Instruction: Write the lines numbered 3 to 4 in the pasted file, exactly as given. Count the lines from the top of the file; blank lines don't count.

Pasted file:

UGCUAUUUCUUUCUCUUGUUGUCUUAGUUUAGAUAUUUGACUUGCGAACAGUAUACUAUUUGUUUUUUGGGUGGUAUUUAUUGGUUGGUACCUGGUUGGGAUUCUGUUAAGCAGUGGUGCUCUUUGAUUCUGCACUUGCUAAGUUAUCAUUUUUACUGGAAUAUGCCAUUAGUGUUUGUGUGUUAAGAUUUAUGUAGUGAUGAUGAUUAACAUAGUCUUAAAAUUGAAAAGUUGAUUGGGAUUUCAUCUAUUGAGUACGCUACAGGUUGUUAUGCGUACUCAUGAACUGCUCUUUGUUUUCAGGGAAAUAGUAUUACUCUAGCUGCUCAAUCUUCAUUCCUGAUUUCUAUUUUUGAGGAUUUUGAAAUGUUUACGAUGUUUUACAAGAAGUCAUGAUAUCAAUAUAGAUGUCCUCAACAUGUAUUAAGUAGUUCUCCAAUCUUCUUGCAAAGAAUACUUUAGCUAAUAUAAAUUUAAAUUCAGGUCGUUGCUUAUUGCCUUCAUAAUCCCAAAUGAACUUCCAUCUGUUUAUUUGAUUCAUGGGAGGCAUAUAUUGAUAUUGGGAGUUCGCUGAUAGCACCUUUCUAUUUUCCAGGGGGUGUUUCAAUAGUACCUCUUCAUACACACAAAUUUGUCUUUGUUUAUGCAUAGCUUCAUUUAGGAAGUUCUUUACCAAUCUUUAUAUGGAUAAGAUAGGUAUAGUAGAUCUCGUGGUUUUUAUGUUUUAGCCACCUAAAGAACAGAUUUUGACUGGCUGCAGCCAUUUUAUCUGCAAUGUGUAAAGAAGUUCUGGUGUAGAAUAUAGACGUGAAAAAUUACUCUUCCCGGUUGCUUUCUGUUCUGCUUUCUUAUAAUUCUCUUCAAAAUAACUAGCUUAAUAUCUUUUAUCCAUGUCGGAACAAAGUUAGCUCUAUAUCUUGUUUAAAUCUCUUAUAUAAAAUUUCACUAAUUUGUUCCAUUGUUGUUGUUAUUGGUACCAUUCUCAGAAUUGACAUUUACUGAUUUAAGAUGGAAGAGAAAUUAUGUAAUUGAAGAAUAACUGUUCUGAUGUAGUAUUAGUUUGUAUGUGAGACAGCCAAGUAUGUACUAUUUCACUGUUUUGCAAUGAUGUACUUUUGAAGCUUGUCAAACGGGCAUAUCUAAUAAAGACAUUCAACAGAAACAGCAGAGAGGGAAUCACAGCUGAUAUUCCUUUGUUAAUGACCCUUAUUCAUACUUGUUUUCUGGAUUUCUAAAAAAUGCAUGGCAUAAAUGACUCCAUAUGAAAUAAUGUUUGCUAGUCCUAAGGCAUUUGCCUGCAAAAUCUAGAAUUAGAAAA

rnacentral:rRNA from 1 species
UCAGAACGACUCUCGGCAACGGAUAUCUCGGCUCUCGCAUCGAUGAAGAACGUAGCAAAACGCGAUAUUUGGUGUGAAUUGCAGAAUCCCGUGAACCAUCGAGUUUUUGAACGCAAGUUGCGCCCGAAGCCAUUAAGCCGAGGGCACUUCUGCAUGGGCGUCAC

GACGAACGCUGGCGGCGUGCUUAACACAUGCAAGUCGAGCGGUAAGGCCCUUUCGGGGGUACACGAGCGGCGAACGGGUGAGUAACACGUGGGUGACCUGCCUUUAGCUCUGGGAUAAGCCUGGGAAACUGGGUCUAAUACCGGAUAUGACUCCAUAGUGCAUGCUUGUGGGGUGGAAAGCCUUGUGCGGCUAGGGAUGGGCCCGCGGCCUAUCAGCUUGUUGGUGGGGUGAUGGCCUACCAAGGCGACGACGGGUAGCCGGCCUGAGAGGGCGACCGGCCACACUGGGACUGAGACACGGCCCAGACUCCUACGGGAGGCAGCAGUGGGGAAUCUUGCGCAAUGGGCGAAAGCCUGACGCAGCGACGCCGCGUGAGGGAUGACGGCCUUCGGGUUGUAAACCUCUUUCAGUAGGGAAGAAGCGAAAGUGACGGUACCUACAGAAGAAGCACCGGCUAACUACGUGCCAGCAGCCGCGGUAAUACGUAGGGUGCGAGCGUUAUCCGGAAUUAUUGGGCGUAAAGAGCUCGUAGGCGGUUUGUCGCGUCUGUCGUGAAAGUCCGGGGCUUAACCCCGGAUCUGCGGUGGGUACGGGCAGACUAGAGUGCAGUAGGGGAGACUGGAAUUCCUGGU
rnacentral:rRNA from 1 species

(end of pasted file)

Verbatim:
UCAGAACGACUCUCGGCAACGGAUAUCUCGGCUCUCGCAUCGAUGAAGAACGUAGCAAAACGCGAUAUUUGGUGUGAAUUGCAGAAUCCCGUGAACCAUCGAGUUUUUGAACGCAAGUUGCGCCCGAAGCCAUUAAGCCGAGGGCACUUCUGCAUGGGCGUCAC

GACGAACGCUGGCGGCGUGCUUAACACAUGCAAGUCGAGCGGUAAGGCCCUUUCGGGGGUACACGAGCGGCGAACGGGUGAGUAACACGUGGGUGACCUGCCUUUAGCUCUGGGAUAAGCCUGGGAAACUGGGUCUAAUACCGGAUAUGACUCCAUAGUGCAUGCUUGUGGGGUGGAAAGCCUUGUGCGGCUAGGGAUGGGCCCGCGGCCUAUCAGCUUGUUGGUGGGGUGAUGGCCUACCAAGGCGACGACGGGUAGCCGGCCUGAGAGGGCGACCGGCCACACUGGGACUGAGACACGGCCCAGACUCCUACGGGAGGCAGCAGUGGGGAAUCUUGCGCAAUGGGCGAAAGCCUGACGCAGCGACGCCGCGUGAGGGAUGACGGCCUUCGGGUUGUAAACCUCUUUCAGUAGGGAAGAAGCGAAAGUGACGGUACCUACAGAAGAAGCACCGGCUAACUACGUGCCAGCAGCCGCGGUAAUACGUAGGGUGCGAGCGUUAUCCGGAAUUAUUGGGCGUAAAGAGCUCGUAGGCGGUUUGUCGCGUCUGUCGUGAAAGUCCGGGGCUUAACCCCGGAUCUGCGGUGGGUACGGGCAGACUAGAGUGCAGUAGGGGAGACUGGAAUUCCUGGU